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Saturday, January 21, 2012

SKEEETER AND THE SKIDMARKS IN PICTURES

skeeter and the skidmarks


edwin lacy, sandy mason grover, willard gayheart



sandy mason grover and willard gayheart



edwin lacy and willard gayheart


scott freeman and edwin lacy



scott freeman



scott freeman



edwin lacy



willard gayheart


Another show of some very much alive mountain music by Skeeter and the Skidmarks at Willard Gayheart's gallery, The Front Porch, in the Fiddle and Plow series. This was the 5th or 6th, I suspect 6th, show they've played at the Front Porch in the last couple years of the Fiddle and Plow series. I know Skeeter's music backwards and forwards, and especially appreciate that every time they've put on a Skeeter show, each one was unique in the manner of how they played the songs. It all has to do with how and what they're feeling on a given night. Edwin drives a couple hours to get there and Sandy drives about that far too. As soon as the music started tonight I heard a new Skeeter vibe. It was an understated flow tonight. That doesn't say much. It was more relaxed than usual. The second time they played there, it was an assault from start to finish, on the intensity level of a concert in an auditorium. It's been different every time, and I was charmed to hear tonight a new sound I'd not heard from them.



I told Edwin and Scott after the show that they've messed up my mind. I know all the words to I Love You Nelly. I told Edwin, "It's your fault." In good humor. The funny part is I love the song now. It plays in my head, I know all the words. Just like Won't You Ride In My Little Red Wagon that Scott and Willard play with a western swing like Bob Wills. And Scott sang another western swing, Roly Poly. Skeeter's Yellow Rose Of Texas had a casual swing to it tonight. Maybe that's the word for tonight's music, casual. It wasn't casual like slack. They were right there with the music, making music every minute. When I say they make music, I mean music that's infectious, music that makes you tap your feet or move in whatever ways. It was the way they felt tonight. I love these songs now after hearing Scott and Willard play them the last couple years, as well as from the Skeeter and the Skidmarks cds, Hubbin It and Alternate Roots, both out of print. Scott put together some Skeeter songs from their 2 cds to make a 1 cd collection, a best-of kind of thing, though all songs on both albums are best of. Excellent, classic albums made in the early 90s. As fresh today as then. The Skeeter sound will always be fresh.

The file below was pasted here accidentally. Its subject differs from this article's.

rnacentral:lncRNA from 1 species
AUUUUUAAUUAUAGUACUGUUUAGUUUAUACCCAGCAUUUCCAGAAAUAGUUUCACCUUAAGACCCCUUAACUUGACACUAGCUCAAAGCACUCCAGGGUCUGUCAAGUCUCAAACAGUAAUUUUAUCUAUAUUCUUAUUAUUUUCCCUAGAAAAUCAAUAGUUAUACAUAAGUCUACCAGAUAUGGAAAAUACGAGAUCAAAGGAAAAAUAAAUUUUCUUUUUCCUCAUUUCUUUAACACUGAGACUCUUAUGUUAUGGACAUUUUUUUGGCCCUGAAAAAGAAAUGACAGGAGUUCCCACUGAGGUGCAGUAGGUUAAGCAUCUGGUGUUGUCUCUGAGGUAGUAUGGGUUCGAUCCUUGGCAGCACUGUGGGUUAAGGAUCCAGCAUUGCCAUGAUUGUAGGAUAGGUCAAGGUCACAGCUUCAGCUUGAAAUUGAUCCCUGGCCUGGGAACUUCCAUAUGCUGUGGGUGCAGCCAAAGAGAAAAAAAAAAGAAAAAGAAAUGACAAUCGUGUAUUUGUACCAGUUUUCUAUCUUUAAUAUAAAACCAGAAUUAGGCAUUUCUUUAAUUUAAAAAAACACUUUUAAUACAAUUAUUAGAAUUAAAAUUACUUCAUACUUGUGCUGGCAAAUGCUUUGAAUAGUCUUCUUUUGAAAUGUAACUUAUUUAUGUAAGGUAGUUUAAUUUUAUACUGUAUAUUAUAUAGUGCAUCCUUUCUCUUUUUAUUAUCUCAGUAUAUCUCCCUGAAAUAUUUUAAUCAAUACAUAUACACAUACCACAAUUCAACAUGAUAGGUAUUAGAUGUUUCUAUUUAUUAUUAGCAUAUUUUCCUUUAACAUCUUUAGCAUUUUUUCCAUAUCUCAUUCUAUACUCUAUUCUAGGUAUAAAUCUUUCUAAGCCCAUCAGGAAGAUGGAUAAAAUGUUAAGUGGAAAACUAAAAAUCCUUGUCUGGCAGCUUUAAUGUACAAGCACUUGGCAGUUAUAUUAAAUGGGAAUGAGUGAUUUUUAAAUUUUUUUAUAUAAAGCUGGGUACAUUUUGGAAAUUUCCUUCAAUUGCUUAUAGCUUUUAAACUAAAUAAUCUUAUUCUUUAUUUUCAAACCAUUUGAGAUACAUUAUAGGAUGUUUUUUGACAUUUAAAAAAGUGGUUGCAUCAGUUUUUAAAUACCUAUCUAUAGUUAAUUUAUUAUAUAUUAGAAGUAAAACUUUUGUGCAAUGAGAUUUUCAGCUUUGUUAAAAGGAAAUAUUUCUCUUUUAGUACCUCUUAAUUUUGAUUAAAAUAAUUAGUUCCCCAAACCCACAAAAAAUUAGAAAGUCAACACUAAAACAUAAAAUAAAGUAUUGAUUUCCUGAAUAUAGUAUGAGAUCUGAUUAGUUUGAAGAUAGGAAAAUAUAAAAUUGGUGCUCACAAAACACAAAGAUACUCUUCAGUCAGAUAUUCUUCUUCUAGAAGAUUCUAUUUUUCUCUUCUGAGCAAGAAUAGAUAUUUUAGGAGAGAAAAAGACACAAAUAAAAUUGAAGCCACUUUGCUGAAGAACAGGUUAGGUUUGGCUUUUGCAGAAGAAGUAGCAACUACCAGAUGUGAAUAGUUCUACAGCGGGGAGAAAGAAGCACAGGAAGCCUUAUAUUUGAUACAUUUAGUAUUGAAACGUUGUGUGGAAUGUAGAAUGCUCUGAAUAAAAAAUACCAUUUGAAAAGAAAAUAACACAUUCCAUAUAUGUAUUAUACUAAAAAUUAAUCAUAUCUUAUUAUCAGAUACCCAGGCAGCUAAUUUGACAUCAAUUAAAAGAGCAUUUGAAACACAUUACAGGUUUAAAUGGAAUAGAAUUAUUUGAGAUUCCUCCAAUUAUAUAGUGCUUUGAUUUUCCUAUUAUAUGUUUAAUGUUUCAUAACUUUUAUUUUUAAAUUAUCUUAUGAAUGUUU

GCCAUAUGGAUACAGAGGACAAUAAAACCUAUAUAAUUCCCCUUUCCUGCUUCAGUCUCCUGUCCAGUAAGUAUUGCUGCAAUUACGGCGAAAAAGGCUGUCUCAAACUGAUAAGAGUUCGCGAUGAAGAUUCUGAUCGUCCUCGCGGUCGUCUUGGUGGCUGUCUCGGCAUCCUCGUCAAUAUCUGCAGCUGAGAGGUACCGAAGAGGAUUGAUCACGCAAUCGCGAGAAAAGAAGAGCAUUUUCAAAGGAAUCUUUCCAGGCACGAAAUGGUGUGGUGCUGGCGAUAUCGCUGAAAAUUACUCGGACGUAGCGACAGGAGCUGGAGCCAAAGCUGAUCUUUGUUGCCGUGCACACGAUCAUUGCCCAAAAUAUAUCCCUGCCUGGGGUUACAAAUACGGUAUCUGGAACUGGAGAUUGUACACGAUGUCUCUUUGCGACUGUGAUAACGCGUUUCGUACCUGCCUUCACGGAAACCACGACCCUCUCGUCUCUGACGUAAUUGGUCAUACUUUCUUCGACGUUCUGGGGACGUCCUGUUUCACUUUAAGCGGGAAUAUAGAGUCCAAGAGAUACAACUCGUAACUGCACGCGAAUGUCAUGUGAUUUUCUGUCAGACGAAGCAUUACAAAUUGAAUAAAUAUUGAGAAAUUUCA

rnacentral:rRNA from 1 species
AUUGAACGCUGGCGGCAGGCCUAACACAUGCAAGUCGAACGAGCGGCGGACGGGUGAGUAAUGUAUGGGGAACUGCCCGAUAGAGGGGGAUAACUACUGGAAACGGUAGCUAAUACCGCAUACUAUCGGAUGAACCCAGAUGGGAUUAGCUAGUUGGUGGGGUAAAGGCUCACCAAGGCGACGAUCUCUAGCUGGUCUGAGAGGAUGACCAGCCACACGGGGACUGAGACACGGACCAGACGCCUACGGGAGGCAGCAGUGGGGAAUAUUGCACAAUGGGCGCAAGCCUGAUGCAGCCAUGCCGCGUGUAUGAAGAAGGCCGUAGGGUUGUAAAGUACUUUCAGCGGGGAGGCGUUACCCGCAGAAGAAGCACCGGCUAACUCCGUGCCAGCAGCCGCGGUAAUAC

My feeling while sitting there in the presence of Scott and Willard's music, was I'm as satisfied hearing Scott and Willard as any music I've ever heard live. I don't need to pay $20 - $30 to hear Ricky Skaggs or Allison Krauss or Rhonda Vincent for some good music. Scott and Willard have a sound together that satisfies my ear for music as much as Ralph Stanley does. They are the equals in musicianship of people in Stanley's band. They're the equals of the professional musicians that run the roads in buses. Scott and Willard don't want to live like that. They want to make music and enjoy it, in the mountain way. Willard's singing is entirely different from Ralph Stanley's, but I love hearing Willard sing as much as I love hearing Ralph Stanley. If you're a Ralph Stanley fan, he's scheduled to play at Fairview Ruritan February 4, a Saturday.  



Toward the end of the show tonight, I was feeling one with the flow of the music. The band was in their groove and everybody in the place was in some kind of motion, especially the inner motion of flowing with the music within where we hear music, the place where we hear truly satisfying music. First, it's music that is music. I believe God sent me to them, them to me. Since I've known Scott, the music he and Willard make, then with their band Alternate Roots, now back to Skeeter, their band before Alternate Roots, back together and recording some tracks from time to time toward a new cd. I feel so privileged to be able to hear their music so much.



I feel like one of the people who lived in Greenwich Village when Bob Dylan was hanging in the Village, saw him all the time, when he wasn't heard of yet. Talented, they said of Dylan. Talented is what I say of Scott and Willard, Edwin and Sandy, too. When they get together, the sound that emerges is not the sound of any one of them. It's the Skeeter sound that happens when these four play together. One of them replaced by somebody else and the Skeeter sound is no longer happening. They're not a widely known band. They self-produce their music. Their musicianship is good as it gets, and their approach to a song is as good as it gets. Scott and Willard are the most actively creative people I know. Every time I drive home from a show at Woodlawn, I feel blessed. 
  

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